This post is the sixth in a series that collects news stories from the previous two weeks and is curated lovingly by the Runscope Developer Relations team. The topics span APIs, microservices, developer tools, best practices, funny observations and more.
For when your APIs can’t contain themselves:
For many of us, APIs are a ubiquitous no-brainer to include in our infrastructure for both business and technology benefits, like speed and agility. Outside of our API bubble, the conversation around APIs has changed significantly over the past few years, as reviewed by Mark Boyd in The Importance of APIs in the Container Age. Boyd interviews several API practitioners to explore how APIs have become both more accessible by a less technical audience, but also more under the radar as the “invisible hand” guiding IT and business operations. This article also explores the difference between microservices and APIs, as well as whether APIs need a common metaphor, which has helped the container movement be successful.
For when your SOAP API has RESTing [fill in the blank] face:
SOAP APIs in production can be tricky to use when you rely mostly on RESTful services, and many developers would rather not try. One common solution to this conflict is putting a REST API in front of a SOAP stack, which Darrel Miller describes in this blog post. Miller explains the potential issues that can arise when attempting to to build a resource-oriented HTTP API as a facade to a SOAP API, as well as how to spot and troubleshoot those issues. Even with his guidance, Miller warns that converting a SOAP API to a RESTful one still won’t solve all your problems, as most SOAP APIs are built to expose a different set of data than REST APIs. If you’re still game to tackle it, Miller’s article is a trusty guide for you.
For when you want your microservices to get on Amazon’s level:
While not synonymous with each other, APIs and microservices are intrinsically linked. At the I Love APIs conference last month, Chris Munns, business development manager for DevOps at AWS, presented a talk on how Amazon builds enterprise microservices that scale. This recap on Apigee’s blog provides a high level overview on how Amazon is structured internally, the tooling teams use to get the job done like Apollo and CodePipeline, and best practices—which include “lots and lots of monitoring” plus metrics—by a company that’s regarded as one of the original innovators in microservices. Check out his full deck from I Love APIs, and if you’re still hungry for more microservices tips from Amazon, you can read an in-depth exploration of some more of the developer tools that Amazon has built to support microservices, such as API Gateway and Lambda, in The New Stack.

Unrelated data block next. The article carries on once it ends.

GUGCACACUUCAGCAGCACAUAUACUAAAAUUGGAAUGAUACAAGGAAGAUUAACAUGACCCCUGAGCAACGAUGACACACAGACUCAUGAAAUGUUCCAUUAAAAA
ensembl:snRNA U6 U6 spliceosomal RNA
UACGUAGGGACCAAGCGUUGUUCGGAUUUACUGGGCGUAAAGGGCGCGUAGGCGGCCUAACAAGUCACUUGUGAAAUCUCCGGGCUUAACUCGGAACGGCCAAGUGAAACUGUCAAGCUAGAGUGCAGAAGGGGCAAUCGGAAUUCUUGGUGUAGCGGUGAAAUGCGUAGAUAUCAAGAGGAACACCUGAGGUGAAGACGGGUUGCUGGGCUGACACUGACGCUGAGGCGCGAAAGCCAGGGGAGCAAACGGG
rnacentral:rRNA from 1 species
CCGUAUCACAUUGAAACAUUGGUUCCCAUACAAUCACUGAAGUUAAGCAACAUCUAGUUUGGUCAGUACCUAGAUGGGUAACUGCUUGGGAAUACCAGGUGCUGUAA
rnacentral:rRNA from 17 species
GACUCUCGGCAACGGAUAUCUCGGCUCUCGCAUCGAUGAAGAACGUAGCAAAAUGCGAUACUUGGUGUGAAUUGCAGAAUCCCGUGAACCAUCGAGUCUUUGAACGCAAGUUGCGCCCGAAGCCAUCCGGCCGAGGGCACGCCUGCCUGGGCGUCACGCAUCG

For when you watch Netflix for more than your favorite shows:
Also coming out of the I Love APIs conference, InfoQ sat down with Daniel Jacobson, VP of Edge Engineering at Netflix and an early voice for microservices, to discuss ephemeral APIs and continuous innovation. In this Q&A, Jacobson discusses experience APIs and the value of being able to iterate easily and not creating a one-size-fits-all API that’s easy for few to use, but overall difficult for many. Jacobson also dives into the details of Netflix’s architecture and tooling, so if you’re looking for an inside look at one of the more influential engineering programs, this article is for you.
For when your framework is so good, you could eat it:
Yelp released a microservices framework dubbed PaaSTA (no, the TA is not silent), which currently powers the majority of Yelp’s operations. The company published a blog post that serves as a comprehensive guide to what the components are (Docker, Jenkins and SmartStack to name a few) and how they work so you can bring PaaSTA into your own org. It’s great to see more and more companies that are disruptive in the consumer space also releasing innovative tools to the engineering space. Now, can we post a review about PaaSTA on Yelp?
For when you want a new way to use API mangement:
As a developer, there are times when you’ll want to generate events from HTTP messages being sent to your APIs for things like creating an audit trail of updates and usage analytics. A post on the Microsoft Azure blog explains how easy it is to do so via an API management provider. This example walks you through how to monitor your APIs with Azure API Management, Event Hubs and Runscope Live Traffic Alerts. If you have an API management provider in place, connecting with API monitoring is “as simple as a few dozen lines of code.”
For when everything’s better in JSON:
Last week, we announced the launch of the new Runscope Export Format, a JSON representation of all your API tests complete with request steps, scripts and assertions. This new format serves Runscope’s latest feature release of importing and exporting entire suites of API tests in one click. This next phase in automation allows you access outside of the Runscope UI to the work you do building API tests and facilitate collaboration and test management among teams.
Notice something we missed? Put your favorite stories of the past fortnight in the comments below, or email us your feedback!